Artists display work created with technology

The projector screen displayed images of a hand slowly turning a page in a book, with stenciled cutouts casting shadows on the paper beneath. As the artist played lightly with the cut-out paper, the angle of the light passing through the paper elegantly stretched and shrank the text.

The artwork, called “Write or Read,” was part of the art department’s ongoing Visiting Artist Lecture Series at the College. Last Wednesday, the lecture featured artistic innovators Sala Wong and Peter Williams, who have collaborated over the past few years at international exhibits in countries such as the United States, Russia, Japan and parts of Europe.

Throughout the lecture, Williams and Wong alternated exhibiting their projects via a large projector screen in the Science Complex.

The artists work with live feedback and computers with the goal of having the “recorded reality mirror the physical reality.” The artists also cited Western philosophy as inspiration for their work.

Williams and Wong showed “Hat Dreams,” their wearable art project that, through developing technology, allows fashion to be art while interacting with the environment.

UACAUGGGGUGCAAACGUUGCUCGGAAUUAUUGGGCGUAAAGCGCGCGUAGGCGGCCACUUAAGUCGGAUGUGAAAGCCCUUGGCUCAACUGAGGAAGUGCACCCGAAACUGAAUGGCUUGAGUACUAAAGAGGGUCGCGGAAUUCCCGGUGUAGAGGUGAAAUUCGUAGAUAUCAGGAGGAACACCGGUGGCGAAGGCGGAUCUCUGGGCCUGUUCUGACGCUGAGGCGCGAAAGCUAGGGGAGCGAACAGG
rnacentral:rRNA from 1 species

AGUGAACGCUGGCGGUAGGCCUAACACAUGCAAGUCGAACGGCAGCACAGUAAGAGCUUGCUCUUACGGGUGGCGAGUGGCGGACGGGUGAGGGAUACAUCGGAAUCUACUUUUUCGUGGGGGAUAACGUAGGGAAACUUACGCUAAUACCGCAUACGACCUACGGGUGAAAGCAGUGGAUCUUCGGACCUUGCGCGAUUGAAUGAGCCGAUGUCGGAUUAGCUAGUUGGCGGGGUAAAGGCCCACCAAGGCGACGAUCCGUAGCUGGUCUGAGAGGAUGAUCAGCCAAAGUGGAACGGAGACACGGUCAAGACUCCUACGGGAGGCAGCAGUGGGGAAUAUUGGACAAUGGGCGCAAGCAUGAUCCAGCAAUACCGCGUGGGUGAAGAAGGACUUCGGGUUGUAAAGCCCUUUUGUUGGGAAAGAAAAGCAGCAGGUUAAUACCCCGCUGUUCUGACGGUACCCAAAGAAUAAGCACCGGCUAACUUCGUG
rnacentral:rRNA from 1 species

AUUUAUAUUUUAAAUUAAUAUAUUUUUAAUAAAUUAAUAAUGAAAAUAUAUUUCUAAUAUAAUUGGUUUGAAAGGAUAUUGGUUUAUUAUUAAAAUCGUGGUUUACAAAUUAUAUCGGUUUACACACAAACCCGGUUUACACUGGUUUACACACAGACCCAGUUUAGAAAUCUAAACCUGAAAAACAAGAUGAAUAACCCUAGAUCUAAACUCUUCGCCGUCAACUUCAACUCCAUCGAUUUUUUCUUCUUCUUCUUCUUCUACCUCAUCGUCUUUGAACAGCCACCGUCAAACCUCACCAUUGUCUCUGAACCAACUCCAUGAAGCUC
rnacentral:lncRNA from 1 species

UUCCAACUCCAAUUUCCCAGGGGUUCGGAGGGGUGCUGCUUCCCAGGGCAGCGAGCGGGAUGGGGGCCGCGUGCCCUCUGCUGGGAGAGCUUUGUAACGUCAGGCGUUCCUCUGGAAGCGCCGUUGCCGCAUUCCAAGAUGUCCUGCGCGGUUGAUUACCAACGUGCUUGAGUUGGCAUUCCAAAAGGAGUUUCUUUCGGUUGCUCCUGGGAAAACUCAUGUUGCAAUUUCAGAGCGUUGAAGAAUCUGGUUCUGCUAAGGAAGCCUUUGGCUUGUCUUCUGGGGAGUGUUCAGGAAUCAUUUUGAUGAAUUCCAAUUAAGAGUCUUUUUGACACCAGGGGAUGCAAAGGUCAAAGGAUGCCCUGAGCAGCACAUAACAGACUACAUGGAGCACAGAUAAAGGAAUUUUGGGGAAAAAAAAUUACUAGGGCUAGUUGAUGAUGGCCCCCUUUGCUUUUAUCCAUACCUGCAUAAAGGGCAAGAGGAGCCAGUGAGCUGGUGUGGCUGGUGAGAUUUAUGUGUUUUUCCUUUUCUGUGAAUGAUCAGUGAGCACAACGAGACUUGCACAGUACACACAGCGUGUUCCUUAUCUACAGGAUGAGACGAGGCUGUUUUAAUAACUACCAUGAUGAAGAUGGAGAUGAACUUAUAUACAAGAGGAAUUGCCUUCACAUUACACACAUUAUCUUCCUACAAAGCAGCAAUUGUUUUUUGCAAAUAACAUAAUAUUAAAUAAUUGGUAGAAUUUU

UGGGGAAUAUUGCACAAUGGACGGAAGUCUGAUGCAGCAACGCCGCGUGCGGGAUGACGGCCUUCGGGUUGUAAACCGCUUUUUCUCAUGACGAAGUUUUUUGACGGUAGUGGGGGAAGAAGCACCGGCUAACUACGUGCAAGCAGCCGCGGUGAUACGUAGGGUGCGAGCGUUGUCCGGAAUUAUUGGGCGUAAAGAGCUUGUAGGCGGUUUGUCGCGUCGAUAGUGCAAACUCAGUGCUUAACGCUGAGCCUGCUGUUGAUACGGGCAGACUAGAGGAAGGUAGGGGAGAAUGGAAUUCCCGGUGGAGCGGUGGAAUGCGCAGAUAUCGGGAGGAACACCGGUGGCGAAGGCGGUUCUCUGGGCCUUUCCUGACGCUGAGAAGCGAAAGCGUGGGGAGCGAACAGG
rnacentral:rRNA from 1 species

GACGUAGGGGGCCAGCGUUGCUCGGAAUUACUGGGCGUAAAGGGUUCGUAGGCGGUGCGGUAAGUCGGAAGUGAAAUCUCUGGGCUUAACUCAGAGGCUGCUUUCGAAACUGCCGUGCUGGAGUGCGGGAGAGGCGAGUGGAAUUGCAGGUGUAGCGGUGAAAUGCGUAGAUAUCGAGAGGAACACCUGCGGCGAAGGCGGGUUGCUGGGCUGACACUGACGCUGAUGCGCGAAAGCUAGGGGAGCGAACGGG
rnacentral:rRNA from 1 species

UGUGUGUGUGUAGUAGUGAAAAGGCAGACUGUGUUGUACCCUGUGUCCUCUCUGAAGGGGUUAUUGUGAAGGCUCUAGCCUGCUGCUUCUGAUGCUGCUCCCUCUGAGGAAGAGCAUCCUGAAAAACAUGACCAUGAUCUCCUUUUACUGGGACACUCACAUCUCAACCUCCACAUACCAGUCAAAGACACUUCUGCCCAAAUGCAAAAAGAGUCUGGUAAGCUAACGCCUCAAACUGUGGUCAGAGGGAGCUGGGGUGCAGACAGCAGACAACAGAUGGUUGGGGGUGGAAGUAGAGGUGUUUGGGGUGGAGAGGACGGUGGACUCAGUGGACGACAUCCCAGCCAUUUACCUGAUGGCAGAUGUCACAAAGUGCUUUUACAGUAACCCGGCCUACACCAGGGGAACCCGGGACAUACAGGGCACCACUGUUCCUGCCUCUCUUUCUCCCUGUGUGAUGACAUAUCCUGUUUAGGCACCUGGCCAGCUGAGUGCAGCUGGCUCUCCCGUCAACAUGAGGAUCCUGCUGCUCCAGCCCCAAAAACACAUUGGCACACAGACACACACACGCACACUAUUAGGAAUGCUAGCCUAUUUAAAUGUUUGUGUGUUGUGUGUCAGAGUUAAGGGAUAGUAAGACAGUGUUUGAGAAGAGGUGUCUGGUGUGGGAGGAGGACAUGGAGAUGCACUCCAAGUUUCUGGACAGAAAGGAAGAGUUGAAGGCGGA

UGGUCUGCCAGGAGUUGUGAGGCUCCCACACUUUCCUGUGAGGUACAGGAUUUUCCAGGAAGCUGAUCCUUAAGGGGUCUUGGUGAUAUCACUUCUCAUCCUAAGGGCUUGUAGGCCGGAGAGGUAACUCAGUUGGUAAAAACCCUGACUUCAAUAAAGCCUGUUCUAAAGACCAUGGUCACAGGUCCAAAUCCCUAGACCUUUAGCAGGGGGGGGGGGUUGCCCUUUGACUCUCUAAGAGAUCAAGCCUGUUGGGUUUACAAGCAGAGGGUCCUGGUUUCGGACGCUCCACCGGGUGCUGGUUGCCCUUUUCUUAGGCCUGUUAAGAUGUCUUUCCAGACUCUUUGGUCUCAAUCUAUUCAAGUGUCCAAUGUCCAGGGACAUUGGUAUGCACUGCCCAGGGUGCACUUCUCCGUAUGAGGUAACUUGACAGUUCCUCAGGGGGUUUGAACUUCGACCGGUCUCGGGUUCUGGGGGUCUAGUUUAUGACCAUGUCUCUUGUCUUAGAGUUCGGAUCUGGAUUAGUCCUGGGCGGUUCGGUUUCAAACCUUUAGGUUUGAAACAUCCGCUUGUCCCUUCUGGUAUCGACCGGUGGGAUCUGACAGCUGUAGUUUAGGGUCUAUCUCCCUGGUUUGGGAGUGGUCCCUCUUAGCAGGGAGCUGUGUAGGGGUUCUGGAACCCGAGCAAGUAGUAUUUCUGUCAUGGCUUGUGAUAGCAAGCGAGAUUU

The artists showed images on a projector screen of a person modeling the hat, which exhibits such technological features as pinholes in the brim through which tiny cameras capture images. The images are flashed on small screens on the hat along with shots of everyday life.

Williams exhibited “Write or Read,” during which the sound of his soft-spoken dialogue over the soft playing of the paper with his hands provided a mysterious, almost sullen undertone to his work. This was also seen in another piece he exhibited, titled “3344.”

Williams and Wong described their work as dealing with the world and having “embodied a sense of information and thought processes.”

“I was incredibly impressed by the artists’ work and the technology they used in creating their collaborations,” Frank Janks, junior sociology major, said.

The artists’ first collaborative piece, “Encased,” was displayed by the Inter-Society for the Electronic Arts in Nagoya, Japan in 2002.